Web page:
What’s the Difference Between Cold Brew and Iced Coffee, Anyway?

When things get hot, there’s no beating a chilled, caffeinated beverage. But while there’s no question of what temperature we want our morning cup of joe (frosty), does it matter if we choose cold brew or the iced stuff? And why is one so much more expensive than the other? We spill the beans (sorry, had to) about the difference between the two.

How to make iced coffee: Iced coffee is just coffee that is brewed the normal way (i.e., with hot water), allowed to cool and then poured over ice and served cold. This usually takes a couple of hours, although you can speed up the process by chilling coffee in the fridge. 

How to make cold brew: Medium to coarse ground coffee is steeped in cold or room temperature water (instead of hot water) for 12 hours or more. (You can use a French press or even a mason jar.) The liquid is then filtered out, leaving you with a smooth concentrate that you can mix with water (usually a 50:50 mix, but it depends on how strong you like your coffee) to make cold brew.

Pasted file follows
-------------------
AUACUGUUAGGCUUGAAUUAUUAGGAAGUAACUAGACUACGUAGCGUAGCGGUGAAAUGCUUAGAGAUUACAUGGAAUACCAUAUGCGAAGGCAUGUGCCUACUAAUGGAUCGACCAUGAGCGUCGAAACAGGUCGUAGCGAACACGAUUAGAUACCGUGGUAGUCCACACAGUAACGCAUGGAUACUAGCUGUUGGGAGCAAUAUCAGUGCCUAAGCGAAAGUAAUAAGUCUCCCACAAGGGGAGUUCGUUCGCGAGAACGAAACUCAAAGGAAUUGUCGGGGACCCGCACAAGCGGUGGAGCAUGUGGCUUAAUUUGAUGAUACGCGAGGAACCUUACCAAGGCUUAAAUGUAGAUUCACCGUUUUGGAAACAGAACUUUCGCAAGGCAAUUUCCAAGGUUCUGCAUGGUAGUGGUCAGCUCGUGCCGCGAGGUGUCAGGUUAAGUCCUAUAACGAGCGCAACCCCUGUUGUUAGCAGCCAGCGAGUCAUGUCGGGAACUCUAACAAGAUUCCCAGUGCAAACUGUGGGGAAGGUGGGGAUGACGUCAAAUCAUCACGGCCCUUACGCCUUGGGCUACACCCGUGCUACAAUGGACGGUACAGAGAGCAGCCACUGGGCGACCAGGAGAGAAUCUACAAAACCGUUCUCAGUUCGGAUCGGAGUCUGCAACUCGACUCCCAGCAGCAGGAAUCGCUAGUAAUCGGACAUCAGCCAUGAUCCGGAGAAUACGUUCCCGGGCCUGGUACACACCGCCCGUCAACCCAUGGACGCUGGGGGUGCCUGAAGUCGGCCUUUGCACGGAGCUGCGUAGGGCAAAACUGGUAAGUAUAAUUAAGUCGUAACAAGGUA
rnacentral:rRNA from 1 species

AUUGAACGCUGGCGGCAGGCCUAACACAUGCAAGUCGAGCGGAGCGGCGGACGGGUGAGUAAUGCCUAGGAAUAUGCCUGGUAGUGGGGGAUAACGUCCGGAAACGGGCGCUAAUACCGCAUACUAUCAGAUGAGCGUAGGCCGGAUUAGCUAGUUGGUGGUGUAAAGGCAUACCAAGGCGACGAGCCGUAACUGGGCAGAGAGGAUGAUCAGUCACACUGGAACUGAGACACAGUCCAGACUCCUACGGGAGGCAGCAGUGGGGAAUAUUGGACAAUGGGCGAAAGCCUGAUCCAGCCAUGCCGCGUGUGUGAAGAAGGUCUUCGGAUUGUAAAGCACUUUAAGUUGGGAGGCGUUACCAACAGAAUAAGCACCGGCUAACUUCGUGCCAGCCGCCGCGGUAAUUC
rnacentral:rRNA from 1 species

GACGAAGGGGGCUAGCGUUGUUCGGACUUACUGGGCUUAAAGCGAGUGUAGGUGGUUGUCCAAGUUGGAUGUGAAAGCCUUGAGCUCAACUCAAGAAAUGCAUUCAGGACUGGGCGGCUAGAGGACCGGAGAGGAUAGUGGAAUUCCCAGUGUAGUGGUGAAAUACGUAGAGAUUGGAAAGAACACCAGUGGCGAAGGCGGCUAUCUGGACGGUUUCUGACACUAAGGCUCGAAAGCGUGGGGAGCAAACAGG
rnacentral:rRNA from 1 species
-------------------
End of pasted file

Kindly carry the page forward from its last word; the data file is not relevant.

So, which one’s better? It all comes down to personal preference. Generally, cold brew is slightly less acidic and less bitter than iced coffee, with a more mellow taste. But unless you’re making your own, cold brew is usually more expensive (since the flavor is less watered down and it’s more time-consuming to make). And when it comes to caffeine content, cold brew has the edge (Chameleon producers say cold brew has twice as much caffeine as its iced counterpart, but it depends on the brand). But honestly? Once those temperatures start to climb, we’re happy to sip on either. 

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Executive Editor

Alexia Dellner is an executive editor at PureWow who has over ten years of experience covering a broad range of topics including health, wellness, travel, family, culture and...